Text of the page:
Once again Hillary Clinton is having to answer embarrassing questions about what Sen. Bernie Sanders once called "your damn emails." This time it's about emails from Clinton's tenure as secretary of State that show that her office wasn't as insulated from the Clinton Foundation as the public was led to believe.
The emails — obtained by the conservative group Judicial Watch from the State Department — do not prove, as Donald Trump has charged, that Clinton did "a lot of things" for the foundation's donors. In fact, requests from donors were often rebuffed or ignored. For example, nothing became of a request from a donor for assistance in obtaining a visa for a British soccer player with a criminal record. Nor did the rock star Bono, a donor to the Clinton Global Initiative (a project of the Clinton Foundation), receive assistance in broadcasting a concert to the International Space Station.
Still, it seems clear from the emails that friends and benefactors of the Clinton Foundation had special entrée to the Clinton State Department. For example, in 2009 Douglas Band, a longtime adviser to Bill Clinton who was involved in the creation of the Clinton Global Initiative, emailed Huma Abedin, an aide to Hillary Clinton at the State Department, to advise her that the crown prince of Bahrain (a "good friend of ours," Band wrote) was seeking a meeting with the secretary of State. (Bahrain had participated in the Clinton Global Initiative by committing to spend $32 million on a scholarship program.) Abedin replied that the prince had already sought a meeting through normal channels but two days later confirmed that a meeting had indeed been arranged. "If u see him, let him know," she wrote.
Not only does that sound like special access, but it leads people to wonder — quite legitimately — whether any other favors come with the deal. There's no smoking gun evidence in these emails that government money was doled out to donors or that foreign policy was changed to satisfy them, but you can't blame Americans for wondering. And that's the problem.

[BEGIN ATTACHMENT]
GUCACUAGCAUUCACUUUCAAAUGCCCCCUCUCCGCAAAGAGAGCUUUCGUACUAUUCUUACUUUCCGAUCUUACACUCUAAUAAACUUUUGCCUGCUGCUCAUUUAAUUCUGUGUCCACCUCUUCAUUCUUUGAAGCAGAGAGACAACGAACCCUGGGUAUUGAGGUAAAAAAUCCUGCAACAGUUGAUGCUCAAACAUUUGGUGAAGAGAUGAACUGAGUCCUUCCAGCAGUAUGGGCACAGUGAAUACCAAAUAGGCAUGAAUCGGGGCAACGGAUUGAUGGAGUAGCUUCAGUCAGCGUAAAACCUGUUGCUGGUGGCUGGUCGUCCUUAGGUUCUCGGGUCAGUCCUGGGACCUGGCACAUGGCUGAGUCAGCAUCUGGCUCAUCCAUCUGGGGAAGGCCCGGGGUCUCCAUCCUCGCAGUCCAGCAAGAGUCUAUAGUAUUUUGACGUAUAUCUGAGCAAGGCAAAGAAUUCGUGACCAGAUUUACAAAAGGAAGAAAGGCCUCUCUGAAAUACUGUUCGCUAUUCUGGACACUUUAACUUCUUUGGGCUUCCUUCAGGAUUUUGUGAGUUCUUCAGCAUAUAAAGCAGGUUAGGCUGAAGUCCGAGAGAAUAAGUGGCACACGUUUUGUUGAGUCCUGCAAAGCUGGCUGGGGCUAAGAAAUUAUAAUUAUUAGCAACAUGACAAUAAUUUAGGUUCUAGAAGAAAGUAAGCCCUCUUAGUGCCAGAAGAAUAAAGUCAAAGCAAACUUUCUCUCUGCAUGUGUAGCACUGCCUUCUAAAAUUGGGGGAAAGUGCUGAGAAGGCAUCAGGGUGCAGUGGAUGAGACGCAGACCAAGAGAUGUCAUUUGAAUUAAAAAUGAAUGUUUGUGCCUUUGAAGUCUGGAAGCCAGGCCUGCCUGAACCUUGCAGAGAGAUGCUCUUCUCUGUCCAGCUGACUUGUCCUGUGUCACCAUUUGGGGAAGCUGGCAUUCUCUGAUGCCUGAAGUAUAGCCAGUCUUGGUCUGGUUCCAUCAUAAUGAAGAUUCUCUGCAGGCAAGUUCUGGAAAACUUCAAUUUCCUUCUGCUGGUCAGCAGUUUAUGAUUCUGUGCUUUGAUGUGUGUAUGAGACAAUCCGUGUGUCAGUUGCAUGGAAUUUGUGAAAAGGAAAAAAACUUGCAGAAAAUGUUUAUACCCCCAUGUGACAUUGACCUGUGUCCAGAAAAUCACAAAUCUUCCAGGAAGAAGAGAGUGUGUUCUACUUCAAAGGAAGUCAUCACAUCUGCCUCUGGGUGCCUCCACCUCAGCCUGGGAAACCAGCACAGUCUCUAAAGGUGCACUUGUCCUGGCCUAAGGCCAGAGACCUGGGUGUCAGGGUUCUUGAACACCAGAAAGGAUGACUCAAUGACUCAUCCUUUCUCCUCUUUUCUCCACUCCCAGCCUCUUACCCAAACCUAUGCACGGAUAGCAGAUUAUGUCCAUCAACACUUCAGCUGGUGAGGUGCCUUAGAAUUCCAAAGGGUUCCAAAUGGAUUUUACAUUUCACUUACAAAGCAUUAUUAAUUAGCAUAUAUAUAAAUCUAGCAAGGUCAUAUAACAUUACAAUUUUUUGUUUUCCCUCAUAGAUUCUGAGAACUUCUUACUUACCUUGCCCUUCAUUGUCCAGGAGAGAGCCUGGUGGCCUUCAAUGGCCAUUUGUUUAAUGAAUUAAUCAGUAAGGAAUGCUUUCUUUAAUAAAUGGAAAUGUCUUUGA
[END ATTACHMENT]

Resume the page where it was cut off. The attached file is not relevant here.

It's possible that the crown prince would have been welcomed by Clinton in any event — Bahrain is a U.S. ally. But according to a tally this week by the Associated Press, at least 85 of 154 people "from private interests" who met or had phone conversations scheduled with Clinton while she led the State Department had donated to the foundation or pledged commitments to its international programs.
The Clinton campaign has objected to the AP report on the grounds that it omits meetings with foreign diplomats and U.S. government officials and covers only part of Clinton's tenure. Even so, the overlap is striking and contributes to the impression that a donation to the Clinton Foundation during Clinton's time as secretary of State was a down payment on access if not on government action.
That impression would only be exacerbated if Clinton were elected president and the Clinton Foundation continued to exist — even if a President Hillary Clinton had no formal connection to it. Bill Clinton already has recognized that the possibility of his wife's election requires a change in the way the foundation operates. Last week he announced that if Hillary Clinton were elected president, the foundation would no longer accept foreign or corporate donations and that he would resign from its board. But that remedy is both too much and not enough.
It would be too much in the sense that a worldwide effort such as the Clinton Foundation might be hampered in its efforts to combat disease and malnutrition if it had to rely only on donations from inside the United States. But the solution might be too little if powerful individuals in this country could continue to donate to a philanthropic organization in the hopes that it would endear them to the family of a president of the United States and a former president.
We would propose a differently solution: that the foundation continue but that the Clinton family sever its connection to it so long as Hillary Clinton is in the White House. That means not only Bill and Hillary Clinton but also Chelsea Clinton, who now serves as the foundation's vice chair.
The Clinton Foundation and its 11 constituent organizations have accomplished much in eradicating disease, alleviating poverty and improving the environment. Their work can continue, but without their involvement. That would be liberating for both the foundation and for Hillary Clinton.